Cass and Hylton explain how technological advances strengthen the case for intellectual property laws, and argue convincingly that IP laws help create a wealthier, more successful, more innovative society than alternative legal systems. Ignoring the social value of IP rights and making what others create “free” would be a costly mistake indeed.
EC and UK Competition Law: Commentary, Cases and Materials offers a clear, concise and comprehensive account of the competition rules of the EC and the UK. EC Competition rules are an important source of consultation, increasingly serving as a model followed by many countries when adopting or developing competition rules within their domestic legal systems. This book offers a single up-to-date source of all the important cases, legislation and guidelines, clearly annotated and presented. With a detailed commentary and case studies (with model answers) throughout, this book eliminates the need for students to consult multiple sources. Key developments in EC and UK competition law are covered: Regulation 139/2004 and Guidelines on Horizontal Mergers; Regulation 772/2004 and Guidelines on Technology Transfer Agreements; the Enterprise Act 2002; and recent amendments to the Competition Act 1998. Recent EC and UK judgments and decisions are covered: Commission v Bayer; Michelin v Commission; VW v Commission; and the Microsoft decision.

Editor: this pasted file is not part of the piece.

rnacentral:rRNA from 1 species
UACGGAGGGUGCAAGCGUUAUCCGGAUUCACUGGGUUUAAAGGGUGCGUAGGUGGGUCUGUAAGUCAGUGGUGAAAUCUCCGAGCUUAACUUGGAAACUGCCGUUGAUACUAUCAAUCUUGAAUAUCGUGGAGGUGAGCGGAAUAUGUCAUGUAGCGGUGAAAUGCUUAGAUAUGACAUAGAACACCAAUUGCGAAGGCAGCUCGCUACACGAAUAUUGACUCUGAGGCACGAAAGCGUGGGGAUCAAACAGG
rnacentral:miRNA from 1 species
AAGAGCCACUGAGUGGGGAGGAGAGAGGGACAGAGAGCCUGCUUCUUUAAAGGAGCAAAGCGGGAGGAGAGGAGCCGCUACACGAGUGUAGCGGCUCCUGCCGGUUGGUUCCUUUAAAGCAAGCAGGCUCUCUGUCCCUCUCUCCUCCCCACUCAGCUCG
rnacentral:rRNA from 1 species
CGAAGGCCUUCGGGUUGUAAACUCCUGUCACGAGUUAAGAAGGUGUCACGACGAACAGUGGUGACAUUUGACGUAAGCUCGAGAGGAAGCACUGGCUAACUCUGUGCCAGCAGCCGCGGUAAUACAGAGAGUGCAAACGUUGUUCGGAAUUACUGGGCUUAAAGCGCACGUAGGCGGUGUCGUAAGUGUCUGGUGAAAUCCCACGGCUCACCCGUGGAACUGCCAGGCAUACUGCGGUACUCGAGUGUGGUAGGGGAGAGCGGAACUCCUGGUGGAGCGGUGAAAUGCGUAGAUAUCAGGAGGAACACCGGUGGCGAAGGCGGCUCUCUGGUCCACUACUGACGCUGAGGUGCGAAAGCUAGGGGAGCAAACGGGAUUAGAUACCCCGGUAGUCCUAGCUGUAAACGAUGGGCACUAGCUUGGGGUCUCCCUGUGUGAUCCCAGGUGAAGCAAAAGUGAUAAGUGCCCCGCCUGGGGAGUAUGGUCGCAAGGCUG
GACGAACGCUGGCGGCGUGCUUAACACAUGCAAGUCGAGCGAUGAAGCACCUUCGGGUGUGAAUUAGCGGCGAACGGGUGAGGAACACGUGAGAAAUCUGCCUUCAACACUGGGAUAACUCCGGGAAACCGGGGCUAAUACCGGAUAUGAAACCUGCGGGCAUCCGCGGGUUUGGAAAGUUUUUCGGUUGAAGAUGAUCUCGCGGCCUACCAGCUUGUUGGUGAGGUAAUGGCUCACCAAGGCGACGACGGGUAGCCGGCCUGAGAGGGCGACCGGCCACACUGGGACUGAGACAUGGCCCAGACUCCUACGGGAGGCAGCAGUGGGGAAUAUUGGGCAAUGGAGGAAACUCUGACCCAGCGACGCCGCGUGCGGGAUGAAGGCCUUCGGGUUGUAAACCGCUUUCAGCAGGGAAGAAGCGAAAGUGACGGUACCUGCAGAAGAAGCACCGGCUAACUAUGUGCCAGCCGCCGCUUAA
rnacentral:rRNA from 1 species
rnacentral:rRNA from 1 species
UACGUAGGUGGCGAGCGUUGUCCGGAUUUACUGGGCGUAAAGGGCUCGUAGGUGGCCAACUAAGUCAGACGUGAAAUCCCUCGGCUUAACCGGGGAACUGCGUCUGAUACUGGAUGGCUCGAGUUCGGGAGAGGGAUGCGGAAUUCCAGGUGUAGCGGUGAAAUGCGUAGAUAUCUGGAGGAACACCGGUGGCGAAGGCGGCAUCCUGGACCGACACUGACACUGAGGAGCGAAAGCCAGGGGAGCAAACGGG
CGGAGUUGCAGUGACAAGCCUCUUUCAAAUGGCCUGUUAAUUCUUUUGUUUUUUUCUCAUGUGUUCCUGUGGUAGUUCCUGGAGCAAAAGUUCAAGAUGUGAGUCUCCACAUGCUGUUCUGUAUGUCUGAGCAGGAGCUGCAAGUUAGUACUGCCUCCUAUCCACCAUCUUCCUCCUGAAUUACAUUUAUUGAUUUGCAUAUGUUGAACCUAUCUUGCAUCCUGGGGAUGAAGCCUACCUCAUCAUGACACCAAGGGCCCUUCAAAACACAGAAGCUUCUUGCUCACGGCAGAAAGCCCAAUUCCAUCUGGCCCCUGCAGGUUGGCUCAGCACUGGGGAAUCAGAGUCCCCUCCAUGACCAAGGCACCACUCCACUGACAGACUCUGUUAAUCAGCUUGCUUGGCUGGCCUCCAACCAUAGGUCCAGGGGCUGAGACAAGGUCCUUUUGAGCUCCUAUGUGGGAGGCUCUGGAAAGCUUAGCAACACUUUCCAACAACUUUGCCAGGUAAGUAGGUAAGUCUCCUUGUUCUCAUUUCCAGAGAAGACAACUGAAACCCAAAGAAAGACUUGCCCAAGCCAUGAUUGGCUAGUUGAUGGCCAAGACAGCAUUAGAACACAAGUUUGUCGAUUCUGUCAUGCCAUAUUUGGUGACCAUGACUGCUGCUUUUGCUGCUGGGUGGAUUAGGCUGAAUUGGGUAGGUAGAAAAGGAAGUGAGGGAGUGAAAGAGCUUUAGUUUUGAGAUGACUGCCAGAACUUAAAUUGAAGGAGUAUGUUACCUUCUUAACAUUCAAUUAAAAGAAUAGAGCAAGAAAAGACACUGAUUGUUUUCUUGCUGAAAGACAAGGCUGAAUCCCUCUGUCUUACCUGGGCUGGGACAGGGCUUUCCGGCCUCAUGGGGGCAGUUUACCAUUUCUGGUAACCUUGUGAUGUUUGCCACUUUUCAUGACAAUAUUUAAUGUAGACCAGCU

Legal regulation of the environment is often construed as a collection of legislated responses to the problems of modern living. Authors conclude, however, that environmental law must be understood as the product of sustained reflection on fundamental moral questions about the relationship between property, rights and nature.